Lindsay Puckett Discusses Need to Streamline Permitting to Advance California Floating Offshore Wind Development


In a recent POWER magazine article, Lindsay Puckett offers her insights into steps California is taking to ease the process of developing floating offshore wind resources. Currently, a single project can require federal, state, and local jurisdictions to provide more than 20 permits or approvals.

In 2021, California adopted Assembly Bill 525, requiring the California Energy Commission (CEC) to develop a strategic plan for offshore wind energy development in federal waters off the state’s coast. This plan will outline the path for wind energy facilities and related electricity and transmission infrastructure.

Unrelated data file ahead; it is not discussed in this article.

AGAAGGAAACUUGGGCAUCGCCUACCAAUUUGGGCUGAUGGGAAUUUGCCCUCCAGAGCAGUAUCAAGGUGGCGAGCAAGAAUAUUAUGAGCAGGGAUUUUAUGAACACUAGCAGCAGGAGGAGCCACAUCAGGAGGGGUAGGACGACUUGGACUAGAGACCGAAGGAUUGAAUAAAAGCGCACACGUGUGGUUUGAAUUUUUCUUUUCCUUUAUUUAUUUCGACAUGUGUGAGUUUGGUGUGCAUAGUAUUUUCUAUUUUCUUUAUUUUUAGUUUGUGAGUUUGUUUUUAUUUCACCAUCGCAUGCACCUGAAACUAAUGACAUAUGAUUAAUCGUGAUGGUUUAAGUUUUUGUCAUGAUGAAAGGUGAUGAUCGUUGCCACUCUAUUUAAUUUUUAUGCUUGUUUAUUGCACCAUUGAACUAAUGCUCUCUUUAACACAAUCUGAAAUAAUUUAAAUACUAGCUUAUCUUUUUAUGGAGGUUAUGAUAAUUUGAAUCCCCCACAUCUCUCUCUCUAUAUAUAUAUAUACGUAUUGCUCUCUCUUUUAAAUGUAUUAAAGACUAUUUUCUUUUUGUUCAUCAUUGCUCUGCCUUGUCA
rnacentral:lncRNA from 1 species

The CEC released a draft permitting roadmap in late 2022, followed in April 2023 by a staff report recommending that state agencies coordinate their permitting, by possible means of an interagency agreement spelling out roles, timeframes, and implementation, and using a single permit application checklist.

Environmental attorney Puckett points out that the CEC’s draft roadmap doesn’t address necessary upgrades at ports, waterfront facilities, or electric transmission lines beyond their initial onshore connection points. These aspects will be covered in the strategic plan.

Puckett concludes: “This is only a snapshot of evolving federal and state regulatory processes for offshore wind development that will need to be continually monitored. Given BOEM’s [Department of Interior Bureau of Ocean Energy Management’s] approximately 10-year lease, assessment, and permitting timeline, coordination among regulatory agencies will be crucial to minimizing project delay.”

You can read the full article here.

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